Captain Rex, Bossk, and many other voices (Star Wars: The Clone Wars, Star Wars Rebels)
Interview: July 2010
How did you get started in the voice acting business?
I taped improv sketches as a kid with a tape recorder with low batteries then would plug it in and play it back resulting in a sped up voice, almost chipmunk. I thought it was fun to modify my voice and perform. I did ventriloquism and all kinds of performing all my life- plays, stand up, musicals, singing telegrams, theme parks, children’s theater, summer Shakespeare, operas, improv. Never studied it really, just performed A LOT. My first “big” voice over gig was voicing and moving the jaw of Olmec on Nickelodeon’s Legends of the Hidden Temple game show. My first animated television series was Cow and Chicken as Dad. There I learned from the great Charlie Adler and Candi Milo, as well as other brilliant guest stars how to do it.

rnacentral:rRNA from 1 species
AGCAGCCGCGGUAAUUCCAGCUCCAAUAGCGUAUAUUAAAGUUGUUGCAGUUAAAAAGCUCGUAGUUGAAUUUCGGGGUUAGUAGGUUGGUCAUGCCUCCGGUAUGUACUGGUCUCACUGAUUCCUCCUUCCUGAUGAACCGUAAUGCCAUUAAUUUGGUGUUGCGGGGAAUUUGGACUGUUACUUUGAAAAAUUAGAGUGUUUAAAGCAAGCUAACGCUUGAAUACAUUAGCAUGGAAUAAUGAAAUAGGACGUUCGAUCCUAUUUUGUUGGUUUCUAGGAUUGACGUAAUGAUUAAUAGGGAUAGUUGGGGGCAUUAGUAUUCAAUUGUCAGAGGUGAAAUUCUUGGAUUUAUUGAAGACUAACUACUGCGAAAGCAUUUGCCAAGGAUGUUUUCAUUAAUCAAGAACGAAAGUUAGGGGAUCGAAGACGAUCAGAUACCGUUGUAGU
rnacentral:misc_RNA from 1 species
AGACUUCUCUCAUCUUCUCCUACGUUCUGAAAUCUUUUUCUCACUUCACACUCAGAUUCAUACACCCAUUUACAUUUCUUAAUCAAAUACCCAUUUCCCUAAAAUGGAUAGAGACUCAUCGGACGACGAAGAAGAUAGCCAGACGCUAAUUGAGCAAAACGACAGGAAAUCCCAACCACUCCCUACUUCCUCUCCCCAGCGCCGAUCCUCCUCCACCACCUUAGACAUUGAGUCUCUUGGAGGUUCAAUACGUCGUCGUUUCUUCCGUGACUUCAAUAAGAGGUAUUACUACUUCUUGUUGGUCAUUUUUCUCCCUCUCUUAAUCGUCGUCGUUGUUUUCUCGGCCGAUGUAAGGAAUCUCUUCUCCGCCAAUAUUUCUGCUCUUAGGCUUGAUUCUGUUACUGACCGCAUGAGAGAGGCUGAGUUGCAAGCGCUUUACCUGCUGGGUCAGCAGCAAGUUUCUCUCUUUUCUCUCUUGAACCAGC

You have done voice work for Lucasfilm for many years. How did you get started at Lucasfilm?
I was called to audition for this “unnamed” project. Had to voice match the clones, they liked me, I booked it. I’d already worked with director Dave Filoni on Nickelodeon’s Avatar television series -really proud of that show- and as well as with the incomparable voice director Andrea Romano, who was helping cast Clone Wars at the time. They knew and trusted my acting ability and I gave them what they needed, I guess. Couldn’t believe it. I’d never done anything so “normal”. Most of my roles were either cartoony or creature oriented up to that point. This was a whole new thing, plus, it was dear to me, as I really loved Star Wars as a kid. Gotta find that picture of me in the Jawa costume my folks made for me, October 1977…